Heretical thoughts about science and society: Frederick S. Pardee distinguished lecture, November 1, 2005
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Freeman Dyson illuminates the importance of having heretics to challenge assumptions, and gives six heretical predictions of his own. The first is that American hegemony will not last until the next century. The second is that global warming is not the enormous problem that people make it out to be, primarily because increasing topsoil can counteract the excess of carbon dioxide and also, our knowledge is still too limited to diagnose the situation. His third heresy is that the increase in carbon dioxide may take us back to that wettest and warmest point in the interglacial period when the Sahara Desert was wet, and that this may be a better climate overall, driving at the critical juncture between naturalists and humanists. The fourth heresy makes an analogy between the transition that computers made to become small and ubiquitous, and the direction that biotechnology perhaps ought to go. Number five elaborates on communal sharing of genes and a completely new path for biology and evolution, and his sixth is that rural poverty should be solved by increasing the productivity of rural activities using “green technology,” (based on biology) such that people are not forced to migrate to urban centers.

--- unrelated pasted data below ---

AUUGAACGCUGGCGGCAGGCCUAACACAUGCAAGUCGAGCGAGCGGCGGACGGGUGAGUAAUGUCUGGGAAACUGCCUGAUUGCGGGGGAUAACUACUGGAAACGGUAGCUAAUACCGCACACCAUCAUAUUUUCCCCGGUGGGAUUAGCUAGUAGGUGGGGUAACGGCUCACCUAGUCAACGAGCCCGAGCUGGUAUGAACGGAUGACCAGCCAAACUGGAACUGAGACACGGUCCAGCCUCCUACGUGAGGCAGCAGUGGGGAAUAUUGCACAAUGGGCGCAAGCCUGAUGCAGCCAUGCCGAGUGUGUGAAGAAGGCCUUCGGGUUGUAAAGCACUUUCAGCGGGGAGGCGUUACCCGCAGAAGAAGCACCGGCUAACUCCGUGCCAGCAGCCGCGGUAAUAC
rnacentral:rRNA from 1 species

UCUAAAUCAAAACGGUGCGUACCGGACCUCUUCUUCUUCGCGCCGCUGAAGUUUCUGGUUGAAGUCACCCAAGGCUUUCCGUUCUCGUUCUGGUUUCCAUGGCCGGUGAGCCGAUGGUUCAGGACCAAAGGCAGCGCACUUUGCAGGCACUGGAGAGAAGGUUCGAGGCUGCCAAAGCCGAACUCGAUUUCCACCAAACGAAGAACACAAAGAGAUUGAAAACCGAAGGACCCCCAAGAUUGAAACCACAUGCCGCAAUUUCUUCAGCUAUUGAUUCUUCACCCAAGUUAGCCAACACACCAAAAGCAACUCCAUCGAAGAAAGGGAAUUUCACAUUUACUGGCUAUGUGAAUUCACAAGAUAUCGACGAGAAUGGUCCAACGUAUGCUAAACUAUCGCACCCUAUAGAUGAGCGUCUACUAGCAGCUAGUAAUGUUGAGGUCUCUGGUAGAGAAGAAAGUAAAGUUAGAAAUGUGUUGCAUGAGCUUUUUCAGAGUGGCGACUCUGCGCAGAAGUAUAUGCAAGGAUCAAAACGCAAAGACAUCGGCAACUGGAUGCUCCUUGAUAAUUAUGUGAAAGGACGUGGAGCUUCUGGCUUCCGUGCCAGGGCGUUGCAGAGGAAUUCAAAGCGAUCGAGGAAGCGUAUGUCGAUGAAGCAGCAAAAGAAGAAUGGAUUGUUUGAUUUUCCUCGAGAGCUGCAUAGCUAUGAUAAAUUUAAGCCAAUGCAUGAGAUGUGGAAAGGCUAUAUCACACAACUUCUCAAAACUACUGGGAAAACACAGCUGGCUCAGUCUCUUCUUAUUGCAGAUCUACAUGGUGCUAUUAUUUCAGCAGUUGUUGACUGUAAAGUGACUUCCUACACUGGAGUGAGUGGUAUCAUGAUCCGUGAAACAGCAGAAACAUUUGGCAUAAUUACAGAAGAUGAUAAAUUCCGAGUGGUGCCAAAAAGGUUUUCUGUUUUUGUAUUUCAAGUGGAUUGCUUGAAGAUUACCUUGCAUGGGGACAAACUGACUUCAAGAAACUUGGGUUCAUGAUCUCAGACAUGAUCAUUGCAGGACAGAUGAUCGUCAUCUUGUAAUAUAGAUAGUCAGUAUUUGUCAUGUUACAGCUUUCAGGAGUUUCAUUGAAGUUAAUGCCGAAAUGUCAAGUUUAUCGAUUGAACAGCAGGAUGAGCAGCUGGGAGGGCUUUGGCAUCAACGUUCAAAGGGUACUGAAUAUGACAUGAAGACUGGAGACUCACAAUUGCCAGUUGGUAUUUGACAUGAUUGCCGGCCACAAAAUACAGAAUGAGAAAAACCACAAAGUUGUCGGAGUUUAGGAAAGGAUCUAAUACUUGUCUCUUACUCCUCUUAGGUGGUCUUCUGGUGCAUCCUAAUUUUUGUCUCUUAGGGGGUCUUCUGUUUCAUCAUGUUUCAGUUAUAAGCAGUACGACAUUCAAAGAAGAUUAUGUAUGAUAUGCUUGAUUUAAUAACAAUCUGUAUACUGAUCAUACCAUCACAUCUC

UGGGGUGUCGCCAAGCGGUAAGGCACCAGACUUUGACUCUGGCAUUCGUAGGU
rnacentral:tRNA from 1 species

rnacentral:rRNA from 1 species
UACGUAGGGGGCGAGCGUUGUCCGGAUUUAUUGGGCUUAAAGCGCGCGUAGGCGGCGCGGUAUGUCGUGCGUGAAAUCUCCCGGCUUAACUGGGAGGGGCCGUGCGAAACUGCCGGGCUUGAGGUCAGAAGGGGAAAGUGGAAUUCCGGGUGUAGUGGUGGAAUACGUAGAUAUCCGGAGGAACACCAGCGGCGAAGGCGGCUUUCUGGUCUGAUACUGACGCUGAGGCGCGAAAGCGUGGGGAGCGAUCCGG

A version of this essay was delivered in November 1, 2005 as the Frederick S. Pardee Distinguished Lecture at Boston University.
RightsCopyright 2006 by Trustees of Boston University. All rights reserved.